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J Comp Psychol. 2001 Dec;115(4):376-84.

Simultaneous development of vocal and physical object combinations by a Grey parrot (Psittacus erithacus): bottle caps, lids, and labels.

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1
Department of Ecology and Evolutionary Biology, University of Arizona USA. impepper@media.mit.edu

Abstract

On the basis of primarily behavioral data, researchers (e.g., P. M. Greenfield, 1991) have argued (a) that parallel development of communicative and physical object (manual) combinatorial abilities exists in young children; (b) that these abilities initially have a common neural substrate; (c) that a homologous substrate in great apes allows for similar, if limited, parallel development of these 2 abilities; and (d) that such abilities thus may indicate a shared evolutionary history for both communicative and physical behavior (J. Johnson-Pynn, D. M. Fragaszy, E. M. Hirsh, K. E. Brakke, & P. M. Greenfield, 1999). The authors of the present study found a comparable, if limited, parallel combinatorial development in a Grey parrot (Psittacus erithacus). Given the evolutionary distance between parrots and primates, the authors suggest that the search for and arguments concerning responsible substrates and common behavior should be approached with care and should not be restricted to the primate line.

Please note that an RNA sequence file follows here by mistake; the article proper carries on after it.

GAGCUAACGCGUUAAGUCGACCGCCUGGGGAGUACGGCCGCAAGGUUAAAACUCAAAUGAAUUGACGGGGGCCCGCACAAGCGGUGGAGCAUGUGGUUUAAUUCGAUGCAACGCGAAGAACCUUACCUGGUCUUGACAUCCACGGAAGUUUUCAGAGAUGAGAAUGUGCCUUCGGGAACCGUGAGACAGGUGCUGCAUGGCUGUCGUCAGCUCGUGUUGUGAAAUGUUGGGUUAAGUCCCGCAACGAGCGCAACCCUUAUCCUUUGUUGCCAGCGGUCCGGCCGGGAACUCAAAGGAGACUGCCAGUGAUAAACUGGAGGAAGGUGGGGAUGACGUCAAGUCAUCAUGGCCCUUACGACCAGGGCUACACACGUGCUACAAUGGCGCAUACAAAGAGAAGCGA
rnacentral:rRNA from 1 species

PMID:
11824900
[Indexed for MEDLINE]
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